WTI Extends Gains After Unexpected Large Crude Draw

WTI Extends Gains After Unexpected Large Crude Draw

Oil prices extended gains today with WTI up near $74 as a disagreement between Iraq and Kurdish officials curtailed exports and fears of a banking meltdown receded somewhat.

A recent international ruling has resulted in at least a temporary halt of Kurdish oil exports through Turkey and the Ceyhan pipeline network, said Robbie Fraser, manager, global research & analytics at Schneider Electric, in a daily note. That’s impacting around 400,000 barrels per day or around 0.4% to 0.5% of global supply, he said.

“The ruling determined Iraq’s semi-autonomous Kurdish region could not export crude directly, but most do so with Baghdad’s approval and under the authority of the Iraqi central government,” said Fraser.

In the short-term all eyes will be back on crude stocks (after last week’s modest build while products saw big draws).

API

  • Crude -6.076mm (+300k exp) – biggest draw since 11/25/22

  • Cushing -2.388mm – biggest draw since Feb 2022

  • Gasoline -5.891mm (-1.6mm exp)

  • Distillates +548k (-1.1mm exp)

Against expectations of another small build, API reported a significant crude draw og over 6mm barrels. Cushing saw stocks fall and Gasoline inventories also drew-down significantly…

Source: Bloomberg

WTI was hovering around $73.40 ahead of the API print and is higher after…

Finally, as Bloomberg notes, while oil has rallied from recent lows as the banking sector stabilizes, it remains on track for a fifth monthly decline amid concerns over a potential US recession and resilient Russian energy flows. Most market watchers are still betting that China’s recovery will accelerate and boost prices later this year as demand rebounds.

Meanwhile, OPEC+ is showing no signs of adjusting oil production when it meets next week, staying the course amid turbulence in financial markets, delegates said. 

We also note that there is the ‘Biden Call’ sitting under the market as at some point he will have to start refilling the SPR.

Tyler Durden
Tue, 03/28/2023 – 16:37

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Culture Of Bailouts Is Destabilizing The Global Financial System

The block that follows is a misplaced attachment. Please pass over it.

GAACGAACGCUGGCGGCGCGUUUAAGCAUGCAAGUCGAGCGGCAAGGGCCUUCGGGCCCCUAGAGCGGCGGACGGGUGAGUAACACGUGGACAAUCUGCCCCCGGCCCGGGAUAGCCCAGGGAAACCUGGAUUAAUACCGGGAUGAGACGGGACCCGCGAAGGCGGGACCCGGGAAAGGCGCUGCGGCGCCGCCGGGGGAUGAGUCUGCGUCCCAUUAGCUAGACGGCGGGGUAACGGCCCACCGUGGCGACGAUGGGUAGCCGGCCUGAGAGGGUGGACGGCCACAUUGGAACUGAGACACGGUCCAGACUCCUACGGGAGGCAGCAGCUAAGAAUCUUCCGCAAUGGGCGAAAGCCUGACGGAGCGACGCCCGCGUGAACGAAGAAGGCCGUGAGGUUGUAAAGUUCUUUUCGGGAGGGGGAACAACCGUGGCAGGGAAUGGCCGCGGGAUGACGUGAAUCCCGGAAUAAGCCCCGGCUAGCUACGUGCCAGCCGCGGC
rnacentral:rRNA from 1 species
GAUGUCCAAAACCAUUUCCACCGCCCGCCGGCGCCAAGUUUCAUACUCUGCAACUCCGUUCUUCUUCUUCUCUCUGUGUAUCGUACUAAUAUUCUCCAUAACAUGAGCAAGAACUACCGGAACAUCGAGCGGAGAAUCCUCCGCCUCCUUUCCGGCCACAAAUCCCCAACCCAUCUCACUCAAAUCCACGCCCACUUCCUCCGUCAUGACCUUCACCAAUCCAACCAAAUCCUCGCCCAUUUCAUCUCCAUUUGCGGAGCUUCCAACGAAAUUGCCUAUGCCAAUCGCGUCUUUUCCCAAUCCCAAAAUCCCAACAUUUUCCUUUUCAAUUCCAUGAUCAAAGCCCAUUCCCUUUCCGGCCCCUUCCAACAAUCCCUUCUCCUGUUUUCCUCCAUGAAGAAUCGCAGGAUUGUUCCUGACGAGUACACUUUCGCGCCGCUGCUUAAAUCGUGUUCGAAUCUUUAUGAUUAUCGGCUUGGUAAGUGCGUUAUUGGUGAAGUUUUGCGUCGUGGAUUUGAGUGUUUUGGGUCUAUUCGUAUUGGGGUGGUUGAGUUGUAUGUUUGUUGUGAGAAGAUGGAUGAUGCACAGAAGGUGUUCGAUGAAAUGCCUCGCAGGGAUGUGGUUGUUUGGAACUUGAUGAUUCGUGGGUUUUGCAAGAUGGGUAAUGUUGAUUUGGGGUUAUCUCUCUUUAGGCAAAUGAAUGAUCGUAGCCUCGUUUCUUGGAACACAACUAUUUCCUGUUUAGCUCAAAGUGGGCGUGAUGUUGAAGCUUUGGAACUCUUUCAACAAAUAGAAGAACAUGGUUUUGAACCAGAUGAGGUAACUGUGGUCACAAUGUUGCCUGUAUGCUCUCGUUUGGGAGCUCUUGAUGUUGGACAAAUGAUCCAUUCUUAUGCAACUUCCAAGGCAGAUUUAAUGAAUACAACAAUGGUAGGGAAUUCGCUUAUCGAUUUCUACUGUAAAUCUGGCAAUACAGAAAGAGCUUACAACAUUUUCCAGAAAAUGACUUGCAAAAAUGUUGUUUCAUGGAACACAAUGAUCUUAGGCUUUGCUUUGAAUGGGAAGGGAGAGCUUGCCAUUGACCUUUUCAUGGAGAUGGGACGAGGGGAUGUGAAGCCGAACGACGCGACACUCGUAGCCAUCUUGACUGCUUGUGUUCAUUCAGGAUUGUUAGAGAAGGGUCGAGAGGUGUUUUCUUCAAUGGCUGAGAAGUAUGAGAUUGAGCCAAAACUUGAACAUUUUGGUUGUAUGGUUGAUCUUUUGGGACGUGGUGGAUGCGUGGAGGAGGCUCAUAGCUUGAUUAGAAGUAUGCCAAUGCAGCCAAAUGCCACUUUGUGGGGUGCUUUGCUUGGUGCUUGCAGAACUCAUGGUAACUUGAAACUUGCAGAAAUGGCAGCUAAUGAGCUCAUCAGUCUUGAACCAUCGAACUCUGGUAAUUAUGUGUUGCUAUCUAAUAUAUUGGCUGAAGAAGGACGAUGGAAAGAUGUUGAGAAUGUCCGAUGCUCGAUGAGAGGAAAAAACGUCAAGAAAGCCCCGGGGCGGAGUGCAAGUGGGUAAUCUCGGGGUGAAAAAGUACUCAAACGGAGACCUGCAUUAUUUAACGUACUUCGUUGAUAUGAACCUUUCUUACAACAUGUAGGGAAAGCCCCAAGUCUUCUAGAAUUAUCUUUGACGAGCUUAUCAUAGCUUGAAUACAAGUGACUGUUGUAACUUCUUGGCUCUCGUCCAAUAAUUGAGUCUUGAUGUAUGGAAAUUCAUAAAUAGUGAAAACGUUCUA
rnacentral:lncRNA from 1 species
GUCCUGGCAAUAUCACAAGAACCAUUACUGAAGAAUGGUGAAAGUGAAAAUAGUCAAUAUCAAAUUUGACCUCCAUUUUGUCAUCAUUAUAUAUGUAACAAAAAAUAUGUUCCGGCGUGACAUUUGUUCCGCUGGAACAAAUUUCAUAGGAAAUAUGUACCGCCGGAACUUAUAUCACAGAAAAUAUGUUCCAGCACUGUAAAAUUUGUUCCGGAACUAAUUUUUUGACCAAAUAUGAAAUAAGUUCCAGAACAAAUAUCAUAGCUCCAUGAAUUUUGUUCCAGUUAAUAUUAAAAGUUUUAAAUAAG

Culture Of Bailouts Is Destabilizing The Global Financial System

Authored by Ruchir Sharma, op-ed via The Financial Times,

A maximalist culture of bailouts and state support is bloating and thereby destabilising the global financial system…

As bank runs spread, it has become clear that anyone who questions a government rescue for those caught underfoot will be tarred as a latter-day liquidationist, like those who advised Herbert Hoover to let businesses fail after the crash of 1929.

Liquidationist is now challenging fascist as the most inaccurately thrown insult in politics. True, it’s no longer politically possible for governments not to stage rescues, but this is a snowballing problem of their own making. The past few decades of easy money created markets so large — nearing five times larger than the world economy — and so intertwined, that the failure of even a midsize bank risks global contagion.

More than low interest rates, the easy money era was shaped by an increasingly automatic state reflex to rescue — to rescue the economy from disappointing growth even during recoveries, to rescue not only banks and other companies but also households, industries, financial markets and foreign governments in times of crisis.

The latest bank runs show that the easy money era is not over. Inflation is back so central banks are tightening, but the rescue reflex is still gaining strength. The stronger it grows, the less dynamic capitalism becomes. In stark contrast to the minimalist state of the pre-1929 era, America now leads a rescue culture that keeps growing to new maximalist extremes.

Today’s troubles have been compared to bank runs of the 19th century, but rescues were rare in those days. America’s founding hostility to concentrated power had left it with limited central government and no central bank. In the absence of a financial system, trust was kept at a personal, not an institutional level. Before the civil war, private banks issued their own currencies and when trust failed, depositors fled.